2. Ernst Fehr & Klaus M. Schmidt, 1999. "A Theory of Fairness, Competition, and Cooperation," The Quarterly Journal of Economics, Oxford University Press, vol. 114(3), pages 817-868.
    3. Verrecchia, Robert E, 1982. "Information Acquisition in a Noisy Rational Expectations Economy," Econometrica, Econometric Society, vol. 50(6), pages 1415-1430, November.
    4. John Ledyard, 1984. "The pure theory of large two-candidate elections," Public Choice, Springer, vol. 44(1), pages 7-41, January.
    5. Garuda, Gopal, 2000. "The Distributional Effects of IMF Programs: A Cross-Country Analysis," World Development, Elsevier, vol. 28(6), pages 1031-1051, June.
    6. Husted, Thomas A & Kenny, Lawrence W, 1997. "The Effect of the Expansion of the Voting Franchise on the Size of Government," Journal of Political Economy, University of Chicago Press, vol. 105(1), pages 54-82, February.
    7. Alberto Alesina & Guido Tabellini, 1990. "A Positive Theory of Fiscal Deficits and Government Debt," Review of Economic Studies, Oxford University Press, vol. 57(3), pages 403-414.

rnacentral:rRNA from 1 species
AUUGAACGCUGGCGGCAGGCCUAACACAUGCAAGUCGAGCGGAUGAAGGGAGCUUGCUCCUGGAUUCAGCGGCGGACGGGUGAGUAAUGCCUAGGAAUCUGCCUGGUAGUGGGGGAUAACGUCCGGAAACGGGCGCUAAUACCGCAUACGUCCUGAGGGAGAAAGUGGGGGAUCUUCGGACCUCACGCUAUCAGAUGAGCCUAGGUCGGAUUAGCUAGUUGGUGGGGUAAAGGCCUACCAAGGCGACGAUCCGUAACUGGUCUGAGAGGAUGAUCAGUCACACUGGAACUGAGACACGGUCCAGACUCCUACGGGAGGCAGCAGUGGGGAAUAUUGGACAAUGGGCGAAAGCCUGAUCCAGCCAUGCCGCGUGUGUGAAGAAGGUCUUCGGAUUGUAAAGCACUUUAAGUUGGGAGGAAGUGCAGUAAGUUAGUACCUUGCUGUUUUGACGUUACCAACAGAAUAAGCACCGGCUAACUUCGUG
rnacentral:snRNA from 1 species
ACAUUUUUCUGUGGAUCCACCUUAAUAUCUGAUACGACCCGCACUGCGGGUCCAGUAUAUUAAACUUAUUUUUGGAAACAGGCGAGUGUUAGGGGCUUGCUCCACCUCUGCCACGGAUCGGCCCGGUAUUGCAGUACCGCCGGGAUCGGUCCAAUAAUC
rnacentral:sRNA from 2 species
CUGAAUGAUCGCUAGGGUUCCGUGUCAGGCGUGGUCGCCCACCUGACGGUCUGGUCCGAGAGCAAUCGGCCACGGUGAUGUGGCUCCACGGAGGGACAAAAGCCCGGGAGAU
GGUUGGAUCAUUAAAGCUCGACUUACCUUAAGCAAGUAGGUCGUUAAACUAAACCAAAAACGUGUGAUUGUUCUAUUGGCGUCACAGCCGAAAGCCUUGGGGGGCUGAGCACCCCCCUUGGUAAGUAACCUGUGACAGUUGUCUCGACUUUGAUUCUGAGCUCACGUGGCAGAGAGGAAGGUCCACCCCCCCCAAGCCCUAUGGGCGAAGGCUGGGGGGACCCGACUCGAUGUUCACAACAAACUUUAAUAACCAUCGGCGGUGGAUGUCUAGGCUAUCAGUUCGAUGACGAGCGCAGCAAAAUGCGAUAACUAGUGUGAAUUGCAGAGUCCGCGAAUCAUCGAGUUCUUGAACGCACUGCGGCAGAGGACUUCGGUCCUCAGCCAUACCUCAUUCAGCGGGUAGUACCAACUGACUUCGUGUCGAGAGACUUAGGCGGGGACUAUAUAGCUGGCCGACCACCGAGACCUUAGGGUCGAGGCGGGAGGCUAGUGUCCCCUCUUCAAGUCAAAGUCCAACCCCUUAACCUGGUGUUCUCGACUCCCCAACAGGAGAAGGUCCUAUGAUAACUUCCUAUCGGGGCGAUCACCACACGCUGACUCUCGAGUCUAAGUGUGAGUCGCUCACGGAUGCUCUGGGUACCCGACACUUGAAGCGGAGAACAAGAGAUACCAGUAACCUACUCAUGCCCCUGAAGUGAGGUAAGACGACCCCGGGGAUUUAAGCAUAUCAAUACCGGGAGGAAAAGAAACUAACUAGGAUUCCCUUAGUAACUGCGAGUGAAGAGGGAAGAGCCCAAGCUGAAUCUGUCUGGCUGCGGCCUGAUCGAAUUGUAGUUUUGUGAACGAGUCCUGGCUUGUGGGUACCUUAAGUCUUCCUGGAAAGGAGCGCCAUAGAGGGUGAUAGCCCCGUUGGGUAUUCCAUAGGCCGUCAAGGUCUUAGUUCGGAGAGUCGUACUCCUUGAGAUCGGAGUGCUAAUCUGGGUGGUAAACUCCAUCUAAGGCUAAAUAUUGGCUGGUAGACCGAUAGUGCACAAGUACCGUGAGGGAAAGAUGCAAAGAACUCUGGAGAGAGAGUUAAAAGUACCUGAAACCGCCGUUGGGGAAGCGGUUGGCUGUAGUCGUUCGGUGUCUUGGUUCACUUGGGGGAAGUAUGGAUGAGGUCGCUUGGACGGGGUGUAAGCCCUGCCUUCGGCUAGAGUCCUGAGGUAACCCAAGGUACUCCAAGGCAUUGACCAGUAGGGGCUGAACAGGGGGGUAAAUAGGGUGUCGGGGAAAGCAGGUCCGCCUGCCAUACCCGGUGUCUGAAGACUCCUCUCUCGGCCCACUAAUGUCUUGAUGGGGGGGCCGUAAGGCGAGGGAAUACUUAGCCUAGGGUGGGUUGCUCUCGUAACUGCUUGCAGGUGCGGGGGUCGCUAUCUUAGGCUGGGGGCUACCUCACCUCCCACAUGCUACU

8. Richard McKelvey & Peter Ordeshook, 1984. "Rational expectations in elections: some experimental results based on a multidimensional model," Public Choice, Springer, vol. 44(1), pages 61-102, January.
    9. Meltzer, Allan H & Richard, Scott F, 1981. "A Rational Theory of the Size of Government," Journal of Political Economy, University of Chicago Press, vol. 89(5), pages 914-927, October.
    10. Nooruddin, Irfan & Simmons, Joel W., 2006. "The Politics of Hard Choices: IMF Programs and Government Spending," International Organization, Cambridge University Press, vol. 60(04), pages 1001-1033, October.
    11. Anthony Downs, 1957. "An Economic Theory of Political Action in a Democracy," Journal of Political Economy, University of Chicago Press, vol. 65, pages 135-135.